Intriguingly, this medal is one of four very similarly engraved badges owned by different institutions: 2014.100 reversethe Museum, the Grand Lodge of Masons in Massachusetts, the Grand Lodge of Iowa and the Henry Ford Museum.  Of  like size and displaying the same selections of emblems, manner of engraving and style of script, these badges appear to have been decorated by the same craftsman.  In addition to the names of their owners: James Campbell, Joseph Winslow, Joseph Williams and Roger Ransted, each medal also bears the owner’s initiation date.  These four medals were manufactured between 1796 and 1807. 

Three of the medal owners, Roger Ransted (1769-1852), of Westmoreland, New Hampshire (and later, Thetford, Vermont), Joseph Winslow (dates unknown) of Putney, Vermont, and Campbell lived in the same part of the country on the New Hampshire and Vermont sides of the Connecticut River.  The craftsman who shaped and decorated these medals likely worked in the same area.  Membership records at the Grand Lodge of New Hampshire related to Ransted, Winslow and Campbell showed that they belonged to the same Masonic lodge, Jerusalem Lodge No. 4 of Westmoreland and Walpole, New Hampshire.  There is still more of this history to uncover—such as who engraved these medals.  If you know of any similar Masonic medals or have ideas about James Campbell’s medal, please leave us a comment or drop us a line. 



Masonic Medal, 1798.  New England.  Museum Purchase, 2014.100.


Aimee E. Newell, Hilary Anderson Stelling and Catherine Compton Swanson, Curiosities of the Craft:  Treasures from the Grand Lodge of Massachusetts Collection (Boston and Lexington, Massachusetts:  Grand Lodge of Masons in Massachusetts and the Scottish Rite Masonic Museum and Library, 2013), 76-77.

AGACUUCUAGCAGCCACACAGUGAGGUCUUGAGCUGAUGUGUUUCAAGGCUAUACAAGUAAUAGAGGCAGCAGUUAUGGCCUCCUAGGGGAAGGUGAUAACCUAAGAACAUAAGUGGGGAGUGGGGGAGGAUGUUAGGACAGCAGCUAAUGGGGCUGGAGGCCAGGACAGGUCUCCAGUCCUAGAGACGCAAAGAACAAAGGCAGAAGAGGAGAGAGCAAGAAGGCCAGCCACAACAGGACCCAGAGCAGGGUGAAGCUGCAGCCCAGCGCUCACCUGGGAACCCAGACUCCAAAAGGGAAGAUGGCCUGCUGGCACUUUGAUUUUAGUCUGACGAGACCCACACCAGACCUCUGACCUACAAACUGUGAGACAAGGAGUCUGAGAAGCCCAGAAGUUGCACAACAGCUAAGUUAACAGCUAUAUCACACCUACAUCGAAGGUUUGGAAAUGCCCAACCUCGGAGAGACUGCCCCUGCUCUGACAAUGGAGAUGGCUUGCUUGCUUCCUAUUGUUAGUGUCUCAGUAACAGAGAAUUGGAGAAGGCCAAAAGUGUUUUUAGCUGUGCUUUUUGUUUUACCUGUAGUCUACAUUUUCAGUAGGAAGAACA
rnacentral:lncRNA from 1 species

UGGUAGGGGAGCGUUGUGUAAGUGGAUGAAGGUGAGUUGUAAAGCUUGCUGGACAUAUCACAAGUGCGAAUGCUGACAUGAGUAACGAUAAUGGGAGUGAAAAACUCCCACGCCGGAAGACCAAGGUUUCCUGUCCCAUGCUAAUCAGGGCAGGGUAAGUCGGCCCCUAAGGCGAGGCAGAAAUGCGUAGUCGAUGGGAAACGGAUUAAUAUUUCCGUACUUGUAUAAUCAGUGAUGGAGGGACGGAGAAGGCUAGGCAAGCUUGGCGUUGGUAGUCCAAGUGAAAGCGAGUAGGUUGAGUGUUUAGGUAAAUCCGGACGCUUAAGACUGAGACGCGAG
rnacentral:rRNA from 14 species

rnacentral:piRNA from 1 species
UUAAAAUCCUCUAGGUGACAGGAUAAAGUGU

Barbara Franco, Masonic Symbols in American Decorative Arts (Lexington, Massachusetts:  Museum of Our National Heritage, 1976), 30.

Many thanks to Bill Kreuger, Grand Lodge of Iowa, Donald Campbell, Grand Lodge of Washington and Tom Lowe and Roberta Langis, Grand Lodge of New Hampshire.




An Exciting Recent Acquisition: Frederick Phile's Maverick Mark Medal

2013_019DP1DBHere at the Scottish Rite Masonic Museum and Library, we are big fans of the personal medals and badges some Masons had made for themselves in the late 1700s and early 1800s. You may have read posts about the mark medal that belonged to Ezekiel Bascom and an associated mark book or saw the post discussing a gold Masonic medal owned in Connecticut. Although the museum counts many personal Masonic medals in its collection, we are always on the lookout for new objects to help us tell the story of American Freemasonry. A few months ago we were thrilled to add a mark medal made for Frederick Phile of Holland Mark Lodge and engraved by "Bror. Maverick" to the collection.

Frederick Phile (ca. 1740-1793) of Philadelphia likely commissioned the medal when he received the Mark Master degree at Holland Mark Lodge in New York City, sometime between 1788, when members of Holland Lodge No. 8 established Holland Mark Lodge and 1793, when Phile died. Records detailing Phile’s Masonic activity are sketchy, but he seems to have taken the Entered Apprentice degree at Lodge No. 2 (Moderns), in Philadelphia in 1760. He worked as a physician until around 1770, when he took on the duties of naval officer for the Port of Philadelphia; a position Phile held, in different capacities, on and off, until his death. During the Revolutionary War, Phile, a German-born naturalized citizen of Great Britain, served as a surgeon for a Pennsylvania battalion. Although Holland Mark Lodge drew most of its membership from Holland Lodge, occasionally out-of-town Masons, like Phile, who had not taken the Mark Master degree elsewhere would pay the fee (24 shillings in 1791) and receive the degree at Holland Mark Lodge. In 1791, for example, the lodge granted the mark degree to Masonic travelers from France and Rhode Island.